Are patent trolls finally on the decline?


Are you a legitimate hard-working company that has been threatened with a lawsuit, by a patent troll? If so, the graphs in this blog should make you happy!

Speaking of 'happy' and 'troll' - here's a picture of a happy Troll Doll from my friend Hannah. Don't you just hate how patent trolls give the word 'troll' a bad name? Hannah commented that, "Patent trolls could learn a thing or two from good luck Trolls," and I wholeheartedly agree! - hahaha!


In recent years, patent trolling has been very profitable.  Perhaps that is one of the reasons that the number of patent legal-case filings had been increasing (in combination with other factors, such as the joinder provisions of the American Invents Act that block a patentee from filing suit against multiple unrelated parties in a single lawsuit).

But enough about the number of patent case filings going up - we're here to talk about them recently going down! I found an interesting article by Lex Machina in which he showed a graph of the number of patent case filings per month since 2011, and the graph showed that the number of filings had gone down considerably during the past few months. I decided to create a similar SAS graph, and I include it below (click the graph to see the full size version, with html hover-text on the plot markers). Note that I suppressed the horizontal axis tick marks and values, and annotated the years along that axis instead (annotate is so handy that way!)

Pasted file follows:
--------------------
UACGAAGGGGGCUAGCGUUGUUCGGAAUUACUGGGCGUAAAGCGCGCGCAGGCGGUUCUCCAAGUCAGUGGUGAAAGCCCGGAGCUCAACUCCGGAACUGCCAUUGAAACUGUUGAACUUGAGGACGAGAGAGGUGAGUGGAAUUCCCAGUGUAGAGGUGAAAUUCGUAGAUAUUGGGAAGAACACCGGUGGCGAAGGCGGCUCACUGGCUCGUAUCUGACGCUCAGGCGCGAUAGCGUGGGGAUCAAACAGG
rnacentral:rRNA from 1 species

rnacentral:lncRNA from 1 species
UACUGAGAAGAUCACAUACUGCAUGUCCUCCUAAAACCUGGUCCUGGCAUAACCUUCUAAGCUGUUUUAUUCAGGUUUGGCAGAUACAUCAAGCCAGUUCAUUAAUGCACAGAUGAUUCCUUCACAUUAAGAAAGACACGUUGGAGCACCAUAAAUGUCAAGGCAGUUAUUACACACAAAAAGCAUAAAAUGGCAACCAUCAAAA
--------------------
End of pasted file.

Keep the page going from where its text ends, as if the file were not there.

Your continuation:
Although a line plot is a good way to show trends, I always like to plot data in several different ways to get a more complete mental picture. With quantities, I often like to use bar charts, because the heights of the bars give you a way to visually compare the quantities, and the 'area' of the bars gives you a more direct visual representation of the data. So here's a bar chart of the same data, grouped by year, and using the SAS default colors for the htmlblue style. Note that no annotation was required in the bar chart (the year labels are provided by the group axis).


 So, which do you prefer in this situation - the line chart or the bar chart, and why?


About Author

Robert Allison

The Graph Guy!

Robert has worked at SAS for over 25 years, and is perhaps the foremost expert in creating custom graphs using SAS/GRAPH. His educational background is in Computer Science, and he holds a BS, MS, and PhD from NC State University. He is the author of several conference papers, has won a few graphic competitions, and has written a book (SAS/GRAPH: Beyond the Basics).

Leave A Reply

Back to Top